A. They can do that with all the online “breakeven” calculators available today. I believe the most robust answer is to look at each option as it fits into your overall financial life, so you can make an educated decision. To do that properly may take a little time and may require a holistic financial plan.
Q. OK, let’s take a little more focused look at the pension stream of payments option.
A. So the pros of taking the pension would be its longevity – it’s money you can’t outlive. It’s comforting to many knowing that the greater portion of their assets, expenses, and core expenses are covered through money they can’t outlive. It can make the retirement transition easier for some because it gives them the feeling of a “paycheck” going forward. If you are in the enviable position of having additional savings, the regular stream of pension payments gives you flexibility with your remaining assets to perhaps increase your market exposure and grow those assets more in retirement.
Q. Are there any concerns on the pension side?
A. Yes, and the biggest one may be the health of your company’s pension plan. You want to make sure it’s a good viable pension plan and fully funded. And remember that the pension choice is a generally a permanent decision.
Q. You mentioned the 100% joint survivor option for the pension stream in your example. Can you elaborate on some of the other pension payment options?
A. If you are married, you will have some alternate annuity stream options that you can take with your pension. By law pension plans have to offer a 50% joint survivor option if you’re married. A lot of plans will then offer variations of 50% joint survivor up to 100% joint survivor. So, for example, let’s say my pension is $20,000 a year with a 100% joint survivor. While both my spouse and I are living, we will receive $20,000 a year. If I pass away, my spouse will continue to receive $20,000 a year. However, if we opted for 50% joint and survivor if I pass away, my spouse will receive $10,000 a year.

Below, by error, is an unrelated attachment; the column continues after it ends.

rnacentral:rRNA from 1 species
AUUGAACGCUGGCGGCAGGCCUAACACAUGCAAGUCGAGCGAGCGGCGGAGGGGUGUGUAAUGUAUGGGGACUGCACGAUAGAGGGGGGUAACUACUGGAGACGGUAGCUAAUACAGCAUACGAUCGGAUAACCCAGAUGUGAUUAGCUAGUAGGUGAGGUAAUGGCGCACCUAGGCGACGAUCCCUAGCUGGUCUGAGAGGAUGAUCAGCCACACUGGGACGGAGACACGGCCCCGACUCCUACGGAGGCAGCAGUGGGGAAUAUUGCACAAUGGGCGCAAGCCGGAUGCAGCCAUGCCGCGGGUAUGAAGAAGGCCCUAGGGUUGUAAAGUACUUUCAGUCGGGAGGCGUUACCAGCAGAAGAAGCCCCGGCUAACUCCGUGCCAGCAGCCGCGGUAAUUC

Q. Ok, let’s wrap this up with a last look at the pros and cons of the lump-sum.
A. The pros would be you have full control of that money. It is yours to do with what you will. Hopefully you can grow it over time and then possibly leave it to your heirs. You have full liquidity and full power over that. The con
is that with full power comes full responsibility, and the investment risk is all yours.
Q. This is an emotional decision for folks. This is something that’s going to determine the financial course maybe for the rest of your lives, or for the couple’s lives.
A. Truly it is, but it’s something that can be logically put on paper in a financial plan with a qualified financial advisor, and that seems to take the angst out of the process for most people. It is a big moment in your life when
you walk away from earning money and you have to shift to using the money you’ve been saving.
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About the Author
David is a financial planner with Commerce Trust Company. He is a member of the financial advisory services team, a dedicated financial planning practice within Commerce Trust that provides objective financial advice to clients. Following a thorough assessment of a client’s unique situation and thoughts regarding wealth, David develops holistic and coordinated plans to help clients meet their short-term and long-term goals as well as take full advantage of various planning, tax, and investment strategies along the way. His areas of focus includes planning for financial independence, retirement, divorce, executive compensation, estate preservation, and business succession. David joined Commerce in 1995 and has held positions in private banking, credit analysis, commercial business development, and retail sales. David received his bachelor of science degree in business administration from Southeast Missouri State University. He holds both the CERTIFIED FINANCIAL PLANNER™ and Certified Divorce Financial Analyst™ designations. Additionally, David is a member of the Financial Planning Association and the Institute for Divorce Financial Analysts.